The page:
Shibata and co-workers at Nagoya Institute of Technology have already published several papers running reactions in hydrofluorocarbon solvents. Their solvent of choice has been Solkane 365 mfc which is 1,1,1,3,3-pentafluorobutane, CH3-CF2-CH2-CF3. Solkane 365 mfc is produced by Solvay Fluor GmbH and was introduced as an environmentally more friendly blowing agent for polyurethane foams. Previously they have shown that Friedel-Crafts alkylations can be be run in Solkane 365 mfc quite well. Their latest paper describes their work in conducting terminal alkyne homocouplings in the same hydrofluorocarbon.
The homocoupling of terminal alkynes to form 1,3-diyenes is a useful reaction for the synthesis of many compounds including natural products and monomers used in polymer synthesis. The reaction is generally Pd or Cu catalyzed with or without added base. Shibata et al started scouting reaction conditions using phenylacetylene as the substrate and Solkane 365 mfc as the solvent. They found that 10 mol% CuCl and 10 mol% TMEDA at room temperature provided the diyne product in 93% yield after 1 hour. The authors note that literature reports put the reaction time in methanol at 12h and ionic liquids at 4.5 hours. They cite the well-known higher gas solubility of fluorous solvents over other solvents as the reason for this reaction rate acceleration. (Note: While this is quite true for perfluorocarbons, I could not find any oxygen solubility data to confirm that this is true for a hydrofluorocarbon like Solkane 365 mfc.)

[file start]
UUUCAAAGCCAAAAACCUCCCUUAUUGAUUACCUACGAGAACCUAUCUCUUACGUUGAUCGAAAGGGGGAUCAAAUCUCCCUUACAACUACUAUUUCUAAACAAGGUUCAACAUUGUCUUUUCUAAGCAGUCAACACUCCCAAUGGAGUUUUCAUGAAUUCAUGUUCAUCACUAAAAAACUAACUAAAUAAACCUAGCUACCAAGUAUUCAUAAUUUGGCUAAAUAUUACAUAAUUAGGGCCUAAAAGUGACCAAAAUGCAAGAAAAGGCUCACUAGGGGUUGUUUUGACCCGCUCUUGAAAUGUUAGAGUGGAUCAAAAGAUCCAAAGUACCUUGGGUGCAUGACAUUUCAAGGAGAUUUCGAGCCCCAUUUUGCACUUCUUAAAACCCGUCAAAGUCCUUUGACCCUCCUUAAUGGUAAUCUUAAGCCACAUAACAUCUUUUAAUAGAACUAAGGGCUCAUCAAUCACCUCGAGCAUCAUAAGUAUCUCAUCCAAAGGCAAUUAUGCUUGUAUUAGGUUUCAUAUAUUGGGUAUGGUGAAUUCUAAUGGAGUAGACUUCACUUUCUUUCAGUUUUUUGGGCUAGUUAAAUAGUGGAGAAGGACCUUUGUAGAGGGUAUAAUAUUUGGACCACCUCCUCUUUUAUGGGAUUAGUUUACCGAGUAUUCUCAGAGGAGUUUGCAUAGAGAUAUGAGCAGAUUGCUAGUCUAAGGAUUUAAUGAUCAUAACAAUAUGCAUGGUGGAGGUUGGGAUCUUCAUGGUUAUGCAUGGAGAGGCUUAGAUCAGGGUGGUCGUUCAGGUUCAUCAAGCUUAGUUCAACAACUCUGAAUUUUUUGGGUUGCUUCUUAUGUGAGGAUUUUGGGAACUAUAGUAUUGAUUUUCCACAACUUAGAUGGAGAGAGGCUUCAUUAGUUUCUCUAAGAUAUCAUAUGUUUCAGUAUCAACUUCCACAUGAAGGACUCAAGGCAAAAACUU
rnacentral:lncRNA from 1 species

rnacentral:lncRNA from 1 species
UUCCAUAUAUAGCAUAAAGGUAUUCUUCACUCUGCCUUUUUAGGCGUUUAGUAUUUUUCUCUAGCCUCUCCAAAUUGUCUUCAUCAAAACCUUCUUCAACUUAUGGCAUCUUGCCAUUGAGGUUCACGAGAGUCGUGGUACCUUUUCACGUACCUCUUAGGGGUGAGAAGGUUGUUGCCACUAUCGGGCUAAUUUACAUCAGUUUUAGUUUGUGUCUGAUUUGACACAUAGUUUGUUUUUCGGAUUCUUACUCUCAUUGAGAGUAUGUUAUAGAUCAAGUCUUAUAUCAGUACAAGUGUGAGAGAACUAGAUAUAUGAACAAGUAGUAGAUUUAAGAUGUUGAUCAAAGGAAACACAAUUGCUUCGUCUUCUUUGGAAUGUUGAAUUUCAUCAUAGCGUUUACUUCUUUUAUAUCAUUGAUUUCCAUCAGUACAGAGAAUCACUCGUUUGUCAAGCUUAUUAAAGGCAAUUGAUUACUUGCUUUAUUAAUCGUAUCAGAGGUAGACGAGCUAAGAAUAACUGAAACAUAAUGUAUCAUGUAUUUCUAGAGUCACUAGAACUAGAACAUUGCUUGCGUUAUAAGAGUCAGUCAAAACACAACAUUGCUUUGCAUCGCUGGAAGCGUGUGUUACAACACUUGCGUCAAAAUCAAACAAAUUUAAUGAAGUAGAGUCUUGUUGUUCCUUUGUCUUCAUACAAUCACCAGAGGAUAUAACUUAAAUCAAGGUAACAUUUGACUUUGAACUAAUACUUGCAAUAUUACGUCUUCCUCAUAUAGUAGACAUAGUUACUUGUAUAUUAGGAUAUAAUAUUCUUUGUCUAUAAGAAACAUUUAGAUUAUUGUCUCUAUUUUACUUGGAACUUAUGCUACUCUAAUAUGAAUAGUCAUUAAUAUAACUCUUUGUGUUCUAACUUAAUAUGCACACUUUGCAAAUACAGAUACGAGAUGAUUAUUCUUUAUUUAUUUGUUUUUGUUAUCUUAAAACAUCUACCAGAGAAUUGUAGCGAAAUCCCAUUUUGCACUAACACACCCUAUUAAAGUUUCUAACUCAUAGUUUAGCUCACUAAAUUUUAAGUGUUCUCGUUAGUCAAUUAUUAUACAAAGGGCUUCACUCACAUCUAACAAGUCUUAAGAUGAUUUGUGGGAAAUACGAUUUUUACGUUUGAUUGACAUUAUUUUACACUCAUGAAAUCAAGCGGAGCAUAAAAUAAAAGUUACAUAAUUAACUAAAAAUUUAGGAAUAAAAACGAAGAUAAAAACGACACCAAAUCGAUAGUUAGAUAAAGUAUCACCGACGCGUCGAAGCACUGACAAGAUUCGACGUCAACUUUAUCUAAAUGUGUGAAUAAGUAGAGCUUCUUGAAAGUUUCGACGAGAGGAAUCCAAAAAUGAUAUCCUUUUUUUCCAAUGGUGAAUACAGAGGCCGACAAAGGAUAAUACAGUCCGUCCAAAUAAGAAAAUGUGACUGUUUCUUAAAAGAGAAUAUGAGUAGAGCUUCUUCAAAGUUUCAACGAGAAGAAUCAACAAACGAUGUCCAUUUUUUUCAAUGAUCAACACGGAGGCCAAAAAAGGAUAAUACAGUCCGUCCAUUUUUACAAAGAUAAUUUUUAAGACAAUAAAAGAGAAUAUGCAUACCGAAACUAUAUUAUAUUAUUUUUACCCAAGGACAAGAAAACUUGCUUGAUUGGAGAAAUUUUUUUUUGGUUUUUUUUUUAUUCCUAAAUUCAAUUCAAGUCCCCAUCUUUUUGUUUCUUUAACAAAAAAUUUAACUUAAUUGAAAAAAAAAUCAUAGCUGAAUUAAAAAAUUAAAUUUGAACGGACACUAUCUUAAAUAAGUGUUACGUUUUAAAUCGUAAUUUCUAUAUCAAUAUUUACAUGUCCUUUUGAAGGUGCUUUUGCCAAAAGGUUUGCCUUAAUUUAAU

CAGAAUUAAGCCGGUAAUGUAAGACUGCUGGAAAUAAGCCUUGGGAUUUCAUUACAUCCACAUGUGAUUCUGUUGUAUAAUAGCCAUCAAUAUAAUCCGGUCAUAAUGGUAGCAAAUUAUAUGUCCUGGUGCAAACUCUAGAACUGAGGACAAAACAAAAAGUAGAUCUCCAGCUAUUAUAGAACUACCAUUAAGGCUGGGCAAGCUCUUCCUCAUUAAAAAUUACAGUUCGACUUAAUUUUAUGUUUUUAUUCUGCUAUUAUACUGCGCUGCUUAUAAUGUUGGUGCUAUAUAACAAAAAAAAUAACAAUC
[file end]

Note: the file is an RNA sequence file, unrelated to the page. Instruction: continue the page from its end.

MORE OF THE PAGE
The researchers then tested a variety of terminal alkynes and found that the reaction worked quite well for a number of alkynes including those with electron donating, electron withdrawing, and heterocyclic substituents. For those alkynes where homocouplooing was sluggish under the standard conditions the addition of a based like DBU accelerated the reaction. Most reactions were complete somewhere between 1-6 hours.
The main benefit of this chemistry according to the authors is the use of a green solvent. I’m not completely sold on that as I noted in the previous Friedel-Crafts chemistry post, but in this instance the high yields and short reaction times certainly help the argument. It’ll be interesting to see if we’ll see large-scale reaction using hydrofluorocarbons.